An EWG test of 15,000 cosmetics and personal care products found that these impurities may be found in around 80% of all personal care products. These trace often readily penetrate the skin…and their presence in products is not restricted by government safety standards — they are legal at any level.
An EWG 2004 online survey of the cosmetics and personal care products used by 2,300 people found that impurities are so ubiquitous that one of every five adults is potentially exposed every day to all of the top seven carcinogenic impurities common to personal care product ingredients.
Although companies can easily remove these impurities from ingredients during manufacture, tests documenting their common presence in products show that they often don’t, leaving their customers at risk for potential chronic and widespread exposures to this cancer-causing compound.
Doesn't the law ban toxic ingredients?
The fragrance industry is almost completely self-regulated, with governing bodies such as the International Fragrance Association (IFRA) stating that the onus is on the perfume manufacturers to assess the safety of the materials they use.
In addition, Trade Secret Legislation in both the USA and Australia (and many other countries) actually protects perfume manufacturers from disclosing any ingredients they deem to be ‘trade secret” which means any number of ingredients can be used and not listed on the ingredient panel, so you will never know if any of these or other toxic ingredients are in your favourite bottle of scent.
So when you see ‘fragrance’ on a personal care product's label, read it as ‘hidden chemicals.’
A major loophole in The USA’s FDA's federal law and The ACCC in Australia lets manufacturers of personal care products, including perfume, include nearly any ingredient in their products under the name ‘fragrance’ without actually listing the chemical.
Companies that manufacture personal care products are required by law to list the ingredients they use, but fragrances and trade-secret formulas are exempt.
The EWG states that “the only way to steer clear of styrene [and other carcinogenic ingredients] in personal care products is to avoid using any that say they contain “fragrance” but don’t list the perfume’s individual components. That’s because the (USA) federal Food and Drug Administration doesn’t have the authority or resources to evaluate the safety of risky ingredients and respond accordingly. It will take a long overdue reform of federal law to ensure that these products contain only safe ingredients.”
(For more on the hidden toxic ingredients in perfume, read the EWGs 2010 report, Not So Sexy, in the links below).
Cancer is not the only concern
What about those ingredients that have been linked with other health concerns, not necessarily cancer?
There are many materials used in our modern world that contribute to disease and may not directly result in cancer. Two of those of biggest concern in the fragrance industry are phthalates and synthetic musks, both of which have potent disrupting effects on the endocrine system (hormones) and are linked to precocious puberty (early onset of menstruation), infertility, miscarriage, depressed sperm motility, genital abnormalities in male infants and many other disease states. These materials can even pass through the skin and breast milk of the mother to her unborn baby.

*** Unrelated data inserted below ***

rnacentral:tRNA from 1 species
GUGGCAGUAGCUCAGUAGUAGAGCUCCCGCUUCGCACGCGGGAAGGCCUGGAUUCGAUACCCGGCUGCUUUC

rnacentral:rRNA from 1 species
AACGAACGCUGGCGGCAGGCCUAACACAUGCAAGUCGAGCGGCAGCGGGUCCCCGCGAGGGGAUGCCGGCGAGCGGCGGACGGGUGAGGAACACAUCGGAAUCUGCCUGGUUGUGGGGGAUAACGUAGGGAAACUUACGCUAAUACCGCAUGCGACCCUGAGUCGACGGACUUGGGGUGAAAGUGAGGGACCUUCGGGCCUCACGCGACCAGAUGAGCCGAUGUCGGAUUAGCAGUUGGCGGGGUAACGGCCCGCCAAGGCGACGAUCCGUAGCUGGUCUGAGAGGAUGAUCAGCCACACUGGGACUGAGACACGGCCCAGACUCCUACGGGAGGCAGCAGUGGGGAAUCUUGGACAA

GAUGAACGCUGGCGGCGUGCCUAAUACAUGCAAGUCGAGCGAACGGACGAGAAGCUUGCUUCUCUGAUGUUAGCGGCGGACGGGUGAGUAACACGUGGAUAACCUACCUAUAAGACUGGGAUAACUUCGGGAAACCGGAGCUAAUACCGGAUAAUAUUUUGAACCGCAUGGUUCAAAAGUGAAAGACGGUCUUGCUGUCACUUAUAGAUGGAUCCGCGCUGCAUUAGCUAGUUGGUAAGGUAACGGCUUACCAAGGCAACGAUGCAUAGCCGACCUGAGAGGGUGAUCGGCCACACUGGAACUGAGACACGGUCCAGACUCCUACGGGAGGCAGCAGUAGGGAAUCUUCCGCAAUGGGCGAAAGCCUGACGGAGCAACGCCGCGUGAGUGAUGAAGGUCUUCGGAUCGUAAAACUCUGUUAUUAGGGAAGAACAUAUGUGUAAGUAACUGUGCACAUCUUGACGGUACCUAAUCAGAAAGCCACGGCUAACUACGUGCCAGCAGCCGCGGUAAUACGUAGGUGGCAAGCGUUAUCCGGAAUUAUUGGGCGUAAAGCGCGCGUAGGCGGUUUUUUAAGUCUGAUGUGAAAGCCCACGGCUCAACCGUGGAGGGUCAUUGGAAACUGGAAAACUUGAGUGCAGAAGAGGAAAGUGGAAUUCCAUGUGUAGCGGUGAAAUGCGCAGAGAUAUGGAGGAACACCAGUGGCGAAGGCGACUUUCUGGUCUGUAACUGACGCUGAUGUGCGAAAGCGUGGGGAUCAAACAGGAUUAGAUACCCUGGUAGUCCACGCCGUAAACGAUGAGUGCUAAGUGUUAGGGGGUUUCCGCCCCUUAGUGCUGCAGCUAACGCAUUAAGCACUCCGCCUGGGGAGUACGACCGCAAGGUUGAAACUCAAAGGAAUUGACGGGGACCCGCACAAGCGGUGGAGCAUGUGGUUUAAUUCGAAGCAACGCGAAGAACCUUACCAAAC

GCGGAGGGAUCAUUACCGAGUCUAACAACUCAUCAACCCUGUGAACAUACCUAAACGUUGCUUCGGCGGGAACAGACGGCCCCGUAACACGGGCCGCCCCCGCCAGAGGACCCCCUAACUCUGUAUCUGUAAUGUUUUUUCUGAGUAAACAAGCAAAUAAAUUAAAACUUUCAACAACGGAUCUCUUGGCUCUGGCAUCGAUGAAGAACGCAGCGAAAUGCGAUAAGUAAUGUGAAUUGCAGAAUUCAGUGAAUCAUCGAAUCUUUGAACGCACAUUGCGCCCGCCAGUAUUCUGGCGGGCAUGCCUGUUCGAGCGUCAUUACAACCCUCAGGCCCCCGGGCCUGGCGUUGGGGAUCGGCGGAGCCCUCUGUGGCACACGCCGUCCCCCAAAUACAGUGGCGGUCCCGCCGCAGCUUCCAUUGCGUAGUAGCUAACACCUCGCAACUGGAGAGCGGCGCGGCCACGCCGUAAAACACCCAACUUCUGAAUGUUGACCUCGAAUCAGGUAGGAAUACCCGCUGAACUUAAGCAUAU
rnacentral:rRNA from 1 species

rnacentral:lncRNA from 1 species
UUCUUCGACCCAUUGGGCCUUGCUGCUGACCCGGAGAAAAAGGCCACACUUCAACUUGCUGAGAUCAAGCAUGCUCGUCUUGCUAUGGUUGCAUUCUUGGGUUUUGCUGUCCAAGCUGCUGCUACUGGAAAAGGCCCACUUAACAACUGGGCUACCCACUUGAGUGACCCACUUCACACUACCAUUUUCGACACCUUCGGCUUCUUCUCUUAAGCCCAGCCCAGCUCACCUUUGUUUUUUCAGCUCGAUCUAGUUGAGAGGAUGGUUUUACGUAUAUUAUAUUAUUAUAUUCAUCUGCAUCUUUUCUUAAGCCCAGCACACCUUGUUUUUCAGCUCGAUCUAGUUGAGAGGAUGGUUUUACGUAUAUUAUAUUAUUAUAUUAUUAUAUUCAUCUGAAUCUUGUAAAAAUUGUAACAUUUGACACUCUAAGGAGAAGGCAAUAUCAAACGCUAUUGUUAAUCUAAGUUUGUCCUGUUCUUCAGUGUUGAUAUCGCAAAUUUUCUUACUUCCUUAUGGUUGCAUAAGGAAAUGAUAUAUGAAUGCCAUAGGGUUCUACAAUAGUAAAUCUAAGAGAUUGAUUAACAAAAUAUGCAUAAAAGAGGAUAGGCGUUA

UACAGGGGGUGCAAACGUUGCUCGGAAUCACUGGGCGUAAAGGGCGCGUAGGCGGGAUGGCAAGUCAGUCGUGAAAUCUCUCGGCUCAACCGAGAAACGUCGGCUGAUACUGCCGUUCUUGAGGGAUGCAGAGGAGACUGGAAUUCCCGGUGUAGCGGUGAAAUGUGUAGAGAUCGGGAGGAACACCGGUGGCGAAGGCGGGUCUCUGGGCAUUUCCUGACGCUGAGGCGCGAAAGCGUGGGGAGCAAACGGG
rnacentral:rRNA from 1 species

For more on other common perfume ingredients and their potential health effects, you can download our guide here.
How safe is my perfume?
In 2010, after years of intentional secrecy, the IFRA bowed to public pressure and published a list of 3163 ingredients (ironically called the Transparency list) that its members reportedly use to make fragrance. The updated 2016 list contains 3999 materials (the vast majority of which are synthetic chemicals. (You can find the full list at the links below).
The IFRA states that every ingredient on this list is included in the RIFM safety assessment program, but that “manufacturers are responsible for the safety of the ingredients they use in their products.” Around 25% of those ingredients listed have actually been tested for safety.
As a side note, it should be mentioned testing is short-term (weeks) and for the purpose of allergenicity, not disease. The IFRA has been labelled by some as “reckless” and “irresponsible” due to questionable practices and non-disclosure when it comes to how ingredients and products are tested and what data is actually supplied.
After conducting an audit of the 2010 list, The EWG stated that 1 in 20 of the materials earned a ”high” hazard score, and a further 1 in 6 earned a “moderate” hazard score. In addition 25 of these 3163 ingredients scored a 10 (highly hazardous with robust scientific data).
How to minimise your risk
Is it true that everything causes cancer these days? It can seem like it might be so in this modern world of pollution, plastic and pesticides. While the lowest-risk strategy might be to shun the modern world and grow your own veggies from a hay-bale cabin in the mountains of Iceland, that is clearly not realistic for most.
So while all of us will be exposed to at least some known carcinogens over our lifetime, we can make choices to minimise our exposure and maximise our health.
In her book, The Case Against Fragrance, author Kate Granville states: “No one knows what the safe dose of any carcinogen is for a human. To know that, you'd have to do those impossible carcinogenicity studies on people. But, even if you did know what dose was safe, it wouldn't help consumers. As we've seen, the ingredients that give a product its fragrance aren't disclosed, and the amount we get from second-hand sources is impossible to calculate. So it's true that there may be a dose for formaldehyde, or 1,4-dioxane, that won't trigger cancer. But it's impossible to know what that dose is, or whether we're on the right side of it.”
You can’t be perfect, but we can all be better and lessen our risk. Start by reading labels, choosing truly natural products, avoiding synthetic scent, finding more time to de-stress, buying or growing organic produce, avoid cigarette smoke and too much sun.
Do what you can. Every change has an impact on your health for the better.